Back in her day job at the MCA, Alice’s duties over the course of a week range across a wide field of administrative responsibilities. Her tasks include processing maritime consents, dealing with Civil Liability Certificates and recording Dangerous goods refusal notices. She also prepares NAVTEX invoices, working closely with the UKHO. Alice maintains Port State Control inspection reports (that have been carried our on foreign flagged vessels that are operating in UK waters) received from MCA Marine Offices, and ensures accuracy of data received from Port Authorities regarding vessel movements before uploading this data to European Maritime Safety Agency’s (EMSA) THETIS database.

All of the skills and the business experience that she brings to her day job at the MCA are readily transferable to her specialist branch in the RNR. An RNR MTO specialist needs a strong understanding of the merchant fleet and its commercial business priorities and risks. International shipping travels across the globe under flags of many countries, bringing vital energy supplies and goods to the UK and exporting trade across the world.

Alice will bring this knowledge and experience when she joins the UK’s Maritime Trade Operational HQ in Dubai in January 2014 when she is mobilised for a second period of operational duty with the Royal Navy Reserve supporting the UK’s Maritime Command Centre based in Bahrain.

Preparing to deploy – realistic and useful training

The UKMTO provides an essential communications link and keeps a watching brief on commercial shipping passing through the important but critically vulnerable sea lanes across the Red Sea, Gulf region and Somali basin of the Indian Ocean, where piracy attacks and criminal activity have been common in recent years.

The cooperation between International Shipping and the military in the maritime domain has been one of the great success stories of the 20th century with organisations and big shipping corporations being mutually supportive, pooling resources and intelligence to protect the safety of the maritime domain.

The recently released Hollywood film Captain Phillips, starring Tom Hanks as a merchant ship Captain seized by pirates, gives a stark indication of what may happen if the alert military monitoring stance in the region was to lapse into complacency against the threat of piracy.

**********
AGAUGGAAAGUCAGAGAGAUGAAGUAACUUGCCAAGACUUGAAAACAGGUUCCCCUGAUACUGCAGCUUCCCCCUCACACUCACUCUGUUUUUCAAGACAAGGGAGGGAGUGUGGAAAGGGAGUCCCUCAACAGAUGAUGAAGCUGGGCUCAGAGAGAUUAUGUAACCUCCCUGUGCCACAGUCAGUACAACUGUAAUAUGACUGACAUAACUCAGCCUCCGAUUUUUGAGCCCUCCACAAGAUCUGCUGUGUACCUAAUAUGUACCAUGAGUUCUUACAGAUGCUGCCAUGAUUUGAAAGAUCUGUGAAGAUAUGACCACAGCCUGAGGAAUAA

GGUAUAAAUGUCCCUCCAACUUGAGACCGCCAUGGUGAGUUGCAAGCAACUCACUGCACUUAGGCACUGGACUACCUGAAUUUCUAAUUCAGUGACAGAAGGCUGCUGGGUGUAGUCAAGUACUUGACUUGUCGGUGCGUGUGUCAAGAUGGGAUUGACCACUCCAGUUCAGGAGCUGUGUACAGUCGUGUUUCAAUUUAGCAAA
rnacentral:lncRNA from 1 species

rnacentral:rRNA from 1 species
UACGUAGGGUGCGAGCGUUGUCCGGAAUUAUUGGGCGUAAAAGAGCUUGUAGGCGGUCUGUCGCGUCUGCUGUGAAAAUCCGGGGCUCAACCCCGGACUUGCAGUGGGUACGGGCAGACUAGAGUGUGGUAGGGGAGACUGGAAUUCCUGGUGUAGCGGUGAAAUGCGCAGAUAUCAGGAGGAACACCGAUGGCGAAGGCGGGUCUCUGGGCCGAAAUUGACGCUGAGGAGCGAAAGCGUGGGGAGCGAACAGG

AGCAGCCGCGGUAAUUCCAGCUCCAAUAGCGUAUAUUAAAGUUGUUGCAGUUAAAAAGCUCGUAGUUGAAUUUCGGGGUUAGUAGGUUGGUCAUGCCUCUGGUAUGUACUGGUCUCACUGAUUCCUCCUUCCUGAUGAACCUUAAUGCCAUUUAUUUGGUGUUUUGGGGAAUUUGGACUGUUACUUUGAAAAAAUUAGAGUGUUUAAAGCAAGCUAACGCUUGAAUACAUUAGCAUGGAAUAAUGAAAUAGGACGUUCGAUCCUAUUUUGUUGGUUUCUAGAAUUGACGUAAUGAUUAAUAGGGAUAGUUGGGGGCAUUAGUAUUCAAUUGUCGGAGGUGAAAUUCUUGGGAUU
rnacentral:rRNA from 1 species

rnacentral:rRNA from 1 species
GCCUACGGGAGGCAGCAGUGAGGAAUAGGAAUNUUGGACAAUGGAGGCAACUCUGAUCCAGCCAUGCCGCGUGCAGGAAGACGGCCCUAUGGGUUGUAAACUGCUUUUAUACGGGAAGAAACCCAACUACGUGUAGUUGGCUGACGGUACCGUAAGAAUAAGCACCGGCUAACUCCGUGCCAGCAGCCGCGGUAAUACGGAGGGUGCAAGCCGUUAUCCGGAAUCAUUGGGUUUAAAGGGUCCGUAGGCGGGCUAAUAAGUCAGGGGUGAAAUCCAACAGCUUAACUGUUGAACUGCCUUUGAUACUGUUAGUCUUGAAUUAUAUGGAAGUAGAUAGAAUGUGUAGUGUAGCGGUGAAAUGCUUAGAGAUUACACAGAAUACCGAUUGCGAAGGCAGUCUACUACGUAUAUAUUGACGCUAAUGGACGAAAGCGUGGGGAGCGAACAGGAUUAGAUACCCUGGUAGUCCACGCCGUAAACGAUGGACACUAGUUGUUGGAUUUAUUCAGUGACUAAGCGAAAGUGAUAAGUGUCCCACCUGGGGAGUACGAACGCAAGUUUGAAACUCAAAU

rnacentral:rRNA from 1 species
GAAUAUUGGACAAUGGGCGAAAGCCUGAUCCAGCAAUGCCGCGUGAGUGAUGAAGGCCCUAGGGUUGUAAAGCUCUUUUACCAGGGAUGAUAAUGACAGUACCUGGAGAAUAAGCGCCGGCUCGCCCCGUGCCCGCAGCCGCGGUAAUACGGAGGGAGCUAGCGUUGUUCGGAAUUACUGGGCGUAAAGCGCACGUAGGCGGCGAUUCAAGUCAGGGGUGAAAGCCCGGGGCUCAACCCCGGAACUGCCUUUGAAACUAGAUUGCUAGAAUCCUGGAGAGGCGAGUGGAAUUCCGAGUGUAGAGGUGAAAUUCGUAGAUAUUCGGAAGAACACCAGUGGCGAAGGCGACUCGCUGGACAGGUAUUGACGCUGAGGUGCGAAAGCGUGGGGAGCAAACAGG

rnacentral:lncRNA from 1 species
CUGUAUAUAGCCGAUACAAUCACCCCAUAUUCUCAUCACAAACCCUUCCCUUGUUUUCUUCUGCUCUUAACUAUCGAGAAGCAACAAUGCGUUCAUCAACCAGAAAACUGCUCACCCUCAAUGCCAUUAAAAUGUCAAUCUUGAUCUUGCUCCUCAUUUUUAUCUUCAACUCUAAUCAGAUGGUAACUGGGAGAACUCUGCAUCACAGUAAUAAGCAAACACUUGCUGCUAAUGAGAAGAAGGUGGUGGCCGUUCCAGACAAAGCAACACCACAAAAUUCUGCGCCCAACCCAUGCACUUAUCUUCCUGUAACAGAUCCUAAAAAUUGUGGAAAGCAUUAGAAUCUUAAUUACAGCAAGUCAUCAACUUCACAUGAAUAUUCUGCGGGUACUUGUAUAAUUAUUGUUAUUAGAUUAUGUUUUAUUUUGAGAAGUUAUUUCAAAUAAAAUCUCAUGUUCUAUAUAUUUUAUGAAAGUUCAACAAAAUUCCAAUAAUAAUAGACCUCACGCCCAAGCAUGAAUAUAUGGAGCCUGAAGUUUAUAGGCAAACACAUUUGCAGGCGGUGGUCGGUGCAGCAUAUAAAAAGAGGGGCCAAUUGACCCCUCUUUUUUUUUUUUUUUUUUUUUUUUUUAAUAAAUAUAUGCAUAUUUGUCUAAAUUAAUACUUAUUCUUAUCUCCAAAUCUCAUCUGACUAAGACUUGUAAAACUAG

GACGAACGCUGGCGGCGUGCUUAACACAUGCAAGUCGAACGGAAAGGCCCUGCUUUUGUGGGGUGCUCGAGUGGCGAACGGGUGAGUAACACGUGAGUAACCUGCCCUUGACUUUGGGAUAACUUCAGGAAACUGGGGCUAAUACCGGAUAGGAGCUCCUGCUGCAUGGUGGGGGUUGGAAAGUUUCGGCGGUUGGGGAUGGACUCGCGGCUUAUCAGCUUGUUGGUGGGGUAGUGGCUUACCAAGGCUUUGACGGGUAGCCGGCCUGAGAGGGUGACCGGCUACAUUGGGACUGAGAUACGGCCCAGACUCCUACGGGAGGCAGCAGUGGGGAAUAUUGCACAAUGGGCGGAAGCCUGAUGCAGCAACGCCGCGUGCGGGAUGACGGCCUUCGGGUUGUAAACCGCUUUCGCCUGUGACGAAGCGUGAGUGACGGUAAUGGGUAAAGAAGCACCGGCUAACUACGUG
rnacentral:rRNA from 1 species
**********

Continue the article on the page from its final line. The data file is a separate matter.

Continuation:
Alice is delighted that she will be able to put her knowledge to good use on this important deployment and has been taking part in a series of training exercises to hone her military capabilities for this domain. She was a recent participant in a National MTO exercise called Cambrian Trader in Milford Haven, one of the UK’s most important commercial ports. The maritime exercise prepares members of the MTO specialisation to take operational control of the security of merchant shipping, learn about boarding operations and briefings to ships, passing on vital information and cooperating with other agencies including Border Control. The MTO ratings learned about conducting Rapid Environmental Assessments and briefing on a rapidly changing environment in a transition to conflict scenario.

“We spent a week at HMS Collingwood practicing the theory, policy and understanding the scenario before relocating to an Army camp, near Penally, joining up with both AWNIS and NCAGS MTO specialists in the port to apply the practical element of the training which was really very realistic and useful. I realise that it’s going to be challenging abroad on operations – in a tropical climate and facing potential language barriers amongst the very experienced Master Mariners we will come across, but I am becoming knowledgeable and well aware of all the issues that they can face. As long as I can give a good briefing and help the crews on their way safely I will be very pleased to be part of this operation.”

When Alice returns from the deployment, she will look forward to picking up her career in the MCA and has an ambition to progress to become a Commissioned RNR Officer. She said: “I’ll feel ready to confidently start my Junior Officer training programme, study for my Admiralty Interview Board and hopefully one day become an MTO Officer in the Reserves specialising in Allied Worldwide Navigation and Information Systems. Some time in the future, I’d really like to work for the Hydrographic Office in Taunton.”

Alice is well supported in both of her careers by her Royal Naval Officer partner Richard, who is currently serving as the Deputy Logistics Officer on HMS Diamond, one of the Royal Navy’s advanced Air Defence Destroyers.  When they get some precious time together the pair enjoy renovating a barn in Somerset that they are hoping will become their new home and driving miniature steam trains.

For more details, or to register to attend, call 08456 00 32 22, search for ‘navy reserves’ on the web, or visit www.royalnavy.mod.uk/navyreserves.